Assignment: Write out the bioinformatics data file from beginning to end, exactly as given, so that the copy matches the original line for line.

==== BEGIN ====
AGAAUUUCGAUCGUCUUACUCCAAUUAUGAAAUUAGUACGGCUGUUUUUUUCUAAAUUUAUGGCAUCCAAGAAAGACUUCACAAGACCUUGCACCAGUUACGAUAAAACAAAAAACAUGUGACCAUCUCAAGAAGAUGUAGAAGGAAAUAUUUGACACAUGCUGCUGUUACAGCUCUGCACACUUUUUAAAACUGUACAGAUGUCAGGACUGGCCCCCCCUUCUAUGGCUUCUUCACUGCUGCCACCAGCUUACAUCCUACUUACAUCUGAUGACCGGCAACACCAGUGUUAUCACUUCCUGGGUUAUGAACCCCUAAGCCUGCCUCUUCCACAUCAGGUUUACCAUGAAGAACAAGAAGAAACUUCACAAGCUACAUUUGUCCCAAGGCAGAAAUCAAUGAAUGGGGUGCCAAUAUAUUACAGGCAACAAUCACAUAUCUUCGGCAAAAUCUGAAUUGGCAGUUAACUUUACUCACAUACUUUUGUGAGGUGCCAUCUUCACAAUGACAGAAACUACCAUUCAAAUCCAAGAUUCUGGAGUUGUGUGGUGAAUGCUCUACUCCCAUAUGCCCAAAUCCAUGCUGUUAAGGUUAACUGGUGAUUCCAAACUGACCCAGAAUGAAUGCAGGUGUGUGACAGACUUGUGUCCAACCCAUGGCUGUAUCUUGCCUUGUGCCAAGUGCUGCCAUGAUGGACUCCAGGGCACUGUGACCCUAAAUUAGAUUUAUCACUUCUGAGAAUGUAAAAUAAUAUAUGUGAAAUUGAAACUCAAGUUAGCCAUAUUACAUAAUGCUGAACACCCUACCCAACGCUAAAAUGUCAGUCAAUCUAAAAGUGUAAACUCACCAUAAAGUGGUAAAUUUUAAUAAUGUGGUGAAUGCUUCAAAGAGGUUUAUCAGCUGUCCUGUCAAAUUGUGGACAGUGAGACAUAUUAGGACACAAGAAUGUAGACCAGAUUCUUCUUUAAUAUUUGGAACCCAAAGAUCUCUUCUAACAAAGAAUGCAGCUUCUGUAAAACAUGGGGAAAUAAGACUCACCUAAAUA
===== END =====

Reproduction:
AGAAUUUCGAUCGUCUUACUCCAAUUAUGAAAUUAGUACGGCUGUUUUUUUCUAAAUUUAUGGCAUCCAAGAAAGACUUCACAAGACCUUGCACCAGUUACGAUAAAACAAAAAACAUGUGACCAUCUCAAGAAGAUGUAGAAGGAAAUAUUUGACACAUGCUGCUGUUACAGCUCUGCACACUUUUUAAAACUGUACAGAUGUCAGGACUGGCCCCCCCUUCUAUGGCUUCUUCACUGCUGCCACCAGCUUACAUCCUACUUACAUCUGAUGACCGGCAACACCAGUGUUAUCACUUCCUGGGUUAUGAACCCCUAAGCCUGCCUCUUCCACAUCAGGUUUACCAUGAAGAACAAGAAGAAACUUCACAAGCUACAUUUGUCCCAAGGCAGAAAUCAAUGAAUGGGGUGCCAAUAUAUUACAGGCAACAAUCACAUAUCUUCGGCAAAAUCUGAAUUGGCAGUUAACUUUACUCACAUACUUUUGUGAGGUGCCAUCUUCACAAUGACAGAAACUACCAUUCAAAUCCAAGAUUCUGGAGUUGUGUGGUGAAUGCUCUACUCCCAUAUGCCCAAAUCCAUGCUGUUAAGGUUAACUGGUGAUUCCAAACUGACCCAGAAUGAAUGCAGGUGUGUGACAGACUUGUGUCCAACCCAUGGCUGUAUCUUGCCUUGUGCCAAGUGCUGCCAUGAUGGACUCCAGGGCACUGUGACCCUAAAUUAGAUUUAUCACUUCUGAGAAUGUAAAAUAAUAUAUGUGAAAUUGAAACUCAAGUUAGCCAUAUUACAUAAUGCUGAACACCCUACCCAACGCUAAAAUGUCAGUCAAUCUAAAAGUGUAAACUCACCAUAAAGUGGUAAAUUUUAAUAAUGUGGUGAAUGCUUCAAAGAGGUUUAUCAGCUGUCCUGUCAAAUUGUGGACAGUGAGACAUAUUAGGACACAAGAAUGUAGACCAGAUUCUUCUUUAAUAUUUGGAACCCAAAGAUCUCUUCUAACAAAGAAUGCAGCUUCUGUAAAACAUGGGGAAAUAAGACUCACCUAAAUA